David Cameron promises investment and training in new deal for GPs

The prime minister has promised more investment and training in a 'new deal' for GPs.

David Cameron: GP investment pledge (Photo: David Devin)
David Cameron: GP investment pledge (Photo: David Devin)

Speaking at the Vitality Partnership group of practices in Birmingham, which is providing evening and weekend access as part of the prime minister's Challenge Fund, Mr Cameron reiterated the government’s plans for a seven-day NHS.

Mr Cameron said the government would continue to back the NHS in England’s own plans, as set out in the Five Year Forward View, but he added that the service must ‘step up’ and deliver both quality and efficiencies.

The NHS needs joined up care built around what patients need, the prime minister said.

New deal for GPs

‘So it is a new deal for GPs with more investment, more training and a more personal link with patients,' he said.

The ‘big vision’, the prime minister added, was for ‘a modern NHS working for you seven days of the week - when you need it, where you need it’.

The vision, said Mr Cameron, was rethinking primary care: ‘Prevention, not just treatment. Tackling causes, not just symptoms. Treating the whole person, not just an individual ailment.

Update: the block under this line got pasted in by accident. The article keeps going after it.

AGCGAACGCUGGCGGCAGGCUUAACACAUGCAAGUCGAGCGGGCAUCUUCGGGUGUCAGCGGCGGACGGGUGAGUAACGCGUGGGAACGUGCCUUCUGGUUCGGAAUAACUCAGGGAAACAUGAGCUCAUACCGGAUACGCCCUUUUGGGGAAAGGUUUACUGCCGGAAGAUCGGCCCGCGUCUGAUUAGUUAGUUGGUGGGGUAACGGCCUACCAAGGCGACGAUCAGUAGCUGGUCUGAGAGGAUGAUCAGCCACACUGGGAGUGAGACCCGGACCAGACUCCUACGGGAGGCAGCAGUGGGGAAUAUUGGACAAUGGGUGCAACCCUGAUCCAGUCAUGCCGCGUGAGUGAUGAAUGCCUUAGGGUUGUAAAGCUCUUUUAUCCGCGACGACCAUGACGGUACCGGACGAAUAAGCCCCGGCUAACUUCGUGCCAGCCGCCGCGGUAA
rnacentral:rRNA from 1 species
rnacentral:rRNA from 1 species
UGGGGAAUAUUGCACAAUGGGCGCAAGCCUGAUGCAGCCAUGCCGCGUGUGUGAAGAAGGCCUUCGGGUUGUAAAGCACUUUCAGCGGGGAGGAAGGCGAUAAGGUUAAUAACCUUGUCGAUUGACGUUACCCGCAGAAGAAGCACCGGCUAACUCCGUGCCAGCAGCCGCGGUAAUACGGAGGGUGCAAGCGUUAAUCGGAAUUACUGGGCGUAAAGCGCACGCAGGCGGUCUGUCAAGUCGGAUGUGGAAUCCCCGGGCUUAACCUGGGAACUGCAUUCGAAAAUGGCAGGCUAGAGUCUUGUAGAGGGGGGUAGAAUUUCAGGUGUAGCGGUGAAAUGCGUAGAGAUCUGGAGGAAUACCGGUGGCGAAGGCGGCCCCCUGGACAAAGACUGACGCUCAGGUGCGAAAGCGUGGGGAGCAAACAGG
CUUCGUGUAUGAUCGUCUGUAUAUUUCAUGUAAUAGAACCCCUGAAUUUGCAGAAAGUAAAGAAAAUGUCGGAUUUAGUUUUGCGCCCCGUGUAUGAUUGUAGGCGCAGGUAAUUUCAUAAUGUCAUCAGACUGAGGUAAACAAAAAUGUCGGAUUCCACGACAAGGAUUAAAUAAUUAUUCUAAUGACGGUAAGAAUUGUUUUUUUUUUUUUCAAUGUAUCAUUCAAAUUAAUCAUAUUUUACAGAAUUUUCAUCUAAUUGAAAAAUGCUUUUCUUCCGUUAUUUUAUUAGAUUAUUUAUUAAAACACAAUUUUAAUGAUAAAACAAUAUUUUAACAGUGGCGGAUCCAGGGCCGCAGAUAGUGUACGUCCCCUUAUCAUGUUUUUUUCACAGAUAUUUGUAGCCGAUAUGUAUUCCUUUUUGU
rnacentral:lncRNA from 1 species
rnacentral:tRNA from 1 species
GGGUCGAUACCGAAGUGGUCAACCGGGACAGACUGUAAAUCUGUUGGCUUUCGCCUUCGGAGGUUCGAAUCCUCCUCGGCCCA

Broad GP service

‘For example, when an obese smoker visits his GP with a lung condition and a mental health issue he doesn’t get sent away with a pile of pills and end up weeks later in hospital. Instead he comes to a place like this that brings together the full suite of care services he needs.’

By the end of the year, said Mr Cameron, 18m patients will have evening and weekend GP access through the Challenge Fund. ‘By the end of this parliament I want that for everyone,’ he said. 

Earlier, health secretary Jeremy Hunt suggested that changes to the GP contract could be used to reduce burnout and attract more doctors into general practice. The government has promised 5,000 new GPs by 2020.

Speaking alongside the prime minister in Birmingham, NHS England chief executive Simon Stevens called for a ‘new partnership between the public, the government, and the health service’ for his plans for the next five years to succeed. 

‘It’s going to mean concrete, comprehensive and occasionally controversial action,' he said, to prevent ill health, more personal and convenient care through redesign and integration, and putting the NHS’s finances on a sustainable footing.

Mr Stevens revealed that he would set out plans to meet NHS England's £22bn efficiencies challenge in two weeks' time.

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